Giorgio Armani paid stylistic homage to Japan on day two of the fall-winter Paris haute couture shows on Tuesday, with sharp bustier dresses making up a big chunk of his collection.
No less than a dozen of the 44 looks from Armani Prive were figure-hugging, bare-shouldered numbers -- some in black velvet, others in tangerine sequins including one that suggested a mermaid that had just emerged from the sea.
Overall the styles -- matched with piled-up geisha hair-dos -- were edgier than the ivory wedding dress that the celebrated Italian designer provided Princess Charlene for her weekend nuptials with Monaco's Prince Albert.
Ever the Hollywood favourite, Armani's show at the Palais de Chaillot boasted such front-row VIPs as Cate Blanchett, Daphne Guinness and Katie Holmes, who jumped from her seat to give a solo standing ovation at the end.
Respectfully working the Japanese theme four months after the earthquake and tsunami that devastated much of the country, Armani balanced his trademark modernist tailoring with lots of silk and floral prints.
From a large black overcoat with floral details, the collection moved through black wool crepe blazers and suits matched with straight-legged trousers best worn by the slimmest of hips.
The bustier dresses came later, with the models seemingly poured into them like liquid mercury -- harking back to the space-age theme of Armani's previous haute couture outing in January.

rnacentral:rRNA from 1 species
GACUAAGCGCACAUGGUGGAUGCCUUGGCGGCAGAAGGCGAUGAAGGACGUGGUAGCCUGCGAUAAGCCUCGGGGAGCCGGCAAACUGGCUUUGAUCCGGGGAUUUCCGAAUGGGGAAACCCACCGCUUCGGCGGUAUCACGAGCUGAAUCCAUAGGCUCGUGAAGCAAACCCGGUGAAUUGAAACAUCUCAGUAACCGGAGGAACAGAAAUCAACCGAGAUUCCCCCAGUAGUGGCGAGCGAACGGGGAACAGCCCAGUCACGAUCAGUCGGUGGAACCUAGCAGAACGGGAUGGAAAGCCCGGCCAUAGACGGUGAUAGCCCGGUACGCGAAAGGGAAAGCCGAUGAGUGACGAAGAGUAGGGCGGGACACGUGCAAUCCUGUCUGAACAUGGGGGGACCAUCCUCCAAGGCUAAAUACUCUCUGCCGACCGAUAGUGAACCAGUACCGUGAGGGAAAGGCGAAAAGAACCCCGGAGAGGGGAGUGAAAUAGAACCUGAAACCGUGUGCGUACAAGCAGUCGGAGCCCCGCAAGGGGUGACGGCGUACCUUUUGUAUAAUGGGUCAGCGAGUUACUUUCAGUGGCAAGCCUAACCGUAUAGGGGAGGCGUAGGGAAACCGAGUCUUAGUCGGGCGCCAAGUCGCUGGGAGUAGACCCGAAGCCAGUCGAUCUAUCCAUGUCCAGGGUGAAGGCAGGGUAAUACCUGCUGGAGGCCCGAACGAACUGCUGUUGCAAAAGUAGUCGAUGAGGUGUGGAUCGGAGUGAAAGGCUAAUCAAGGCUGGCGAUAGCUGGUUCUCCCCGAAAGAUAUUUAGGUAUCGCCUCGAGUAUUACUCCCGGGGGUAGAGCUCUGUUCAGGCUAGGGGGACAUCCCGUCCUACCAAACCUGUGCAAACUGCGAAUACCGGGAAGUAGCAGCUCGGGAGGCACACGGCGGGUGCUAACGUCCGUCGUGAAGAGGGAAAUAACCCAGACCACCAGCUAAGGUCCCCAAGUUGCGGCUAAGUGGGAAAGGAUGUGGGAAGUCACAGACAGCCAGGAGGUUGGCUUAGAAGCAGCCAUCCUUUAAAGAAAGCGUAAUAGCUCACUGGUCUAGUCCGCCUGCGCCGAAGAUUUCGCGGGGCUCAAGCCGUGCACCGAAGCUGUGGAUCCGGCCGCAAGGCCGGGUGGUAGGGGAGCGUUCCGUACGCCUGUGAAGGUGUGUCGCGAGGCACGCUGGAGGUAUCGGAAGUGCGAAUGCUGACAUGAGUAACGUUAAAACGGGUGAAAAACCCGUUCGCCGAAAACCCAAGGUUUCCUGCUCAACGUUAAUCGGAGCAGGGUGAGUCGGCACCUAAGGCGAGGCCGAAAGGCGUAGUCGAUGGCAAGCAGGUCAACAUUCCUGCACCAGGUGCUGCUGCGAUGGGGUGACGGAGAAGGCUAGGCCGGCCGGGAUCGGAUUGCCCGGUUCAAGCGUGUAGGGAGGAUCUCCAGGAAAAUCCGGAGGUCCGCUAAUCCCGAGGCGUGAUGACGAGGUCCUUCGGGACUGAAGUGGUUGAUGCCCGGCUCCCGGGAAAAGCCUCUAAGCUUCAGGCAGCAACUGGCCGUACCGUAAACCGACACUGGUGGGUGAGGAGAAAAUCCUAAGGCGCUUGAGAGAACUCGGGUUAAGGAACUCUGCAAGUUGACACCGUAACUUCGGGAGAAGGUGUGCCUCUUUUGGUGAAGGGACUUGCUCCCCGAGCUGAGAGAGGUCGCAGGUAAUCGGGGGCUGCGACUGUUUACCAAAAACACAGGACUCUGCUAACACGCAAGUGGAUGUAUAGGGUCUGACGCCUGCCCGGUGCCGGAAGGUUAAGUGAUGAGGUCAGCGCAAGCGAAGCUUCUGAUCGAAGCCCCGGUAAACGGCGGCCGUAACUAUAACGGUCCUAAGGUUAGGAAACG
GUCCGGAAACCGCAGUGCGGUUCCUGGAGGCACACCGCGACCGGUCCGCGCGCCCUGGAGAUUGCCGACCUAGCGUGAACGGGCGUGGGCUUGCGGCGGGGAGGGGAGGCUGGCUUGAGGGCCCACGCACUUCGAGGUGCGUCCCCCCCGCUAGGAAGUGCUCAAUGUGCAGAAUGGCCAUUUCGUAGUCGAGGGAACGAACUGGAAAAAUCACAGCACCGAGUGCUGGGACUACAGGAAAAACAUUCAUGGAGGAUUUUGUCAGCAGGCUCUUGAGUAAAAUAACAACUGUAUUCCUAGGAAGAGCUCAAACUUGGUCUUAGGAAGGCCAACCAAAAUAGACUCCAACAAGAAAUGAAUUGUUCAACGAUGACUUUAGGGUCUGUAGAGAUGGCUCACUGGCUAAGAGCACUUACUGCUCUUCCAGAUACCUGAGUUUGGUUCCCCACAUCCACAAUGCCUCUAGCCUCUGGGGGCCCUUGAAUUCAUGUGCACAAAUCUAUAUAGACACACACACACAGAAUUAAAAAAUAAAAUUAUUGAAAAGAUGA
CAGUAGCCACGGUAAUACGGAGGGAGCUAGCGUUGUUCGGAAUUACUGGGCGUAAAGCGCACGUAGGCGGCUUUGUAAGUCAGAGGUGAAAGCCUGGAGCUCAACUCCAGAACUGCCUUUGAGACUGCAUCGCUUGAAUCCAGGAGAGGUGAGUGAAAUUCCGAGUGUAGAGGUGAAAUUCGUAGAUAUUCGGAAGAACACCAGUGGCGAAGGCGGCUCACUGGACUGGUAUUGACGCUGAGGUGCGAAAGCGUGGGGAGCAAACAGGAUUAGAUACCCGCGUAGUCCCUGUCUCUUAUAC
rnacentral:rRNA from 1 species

Later on Tuesday, Chanel recreated the Place Vendome after dark in the Grand Palais for a virtual retrospective of its founder Coco Chanel's contributions to fashion, from the classic tweed suit to the boater hat.
It may have been a muggy summer night in Paris, but the mood was definitely mid-winter as models meandered around a replica of the Vendome column, with Coco at the summit in lieu of Napoleon.
By paying so much respect to Chanel's legacy, it was no surprise to find a boyish quality to many of the outfits. Jacket arms ended just below the elbow, and a purple sheath gown was a welcome break from so much grey and black.
In other shows, French designer Stephane Rolland took over another part of the Palais de Chaillot to send out his collection before a multinational crowd in which Americans, Chinese, Indians and Lebanese rubbed shoulders.
The venue's Grecian columns perfectly complemented the tubular detail that Rolland worked into finely crafted gowns, dresses and suits that oozed feminine power and authority.
An intricately knitted wedding dress with sparkling crystals was a celebration of the craftsmanship that defines haute couture, even if its broad sculpted lines veered dangerously close to those of a hotel bathrobe.
Meanwhile, the Brazilian architect-turned-designer Gustavo Lins pleased his small but growing fan base by taking over a perfume boutique next to the Palais Royal to show 11 outfits that highlighted his skill at structured draping.
Passers-by peering through the shop window joined invited guests in the tiny venue in watching three models with golden lips emerge in apron dresses and overcoats in black washi, a tough Japanese paper used for origami.
Red copper necklaces found a purpose in clasping felt velvet collars over a silk mousseline scarf dress and a silk cape jacket over clinging trousers, while a mere leather string held up a long training black silk crepe dress.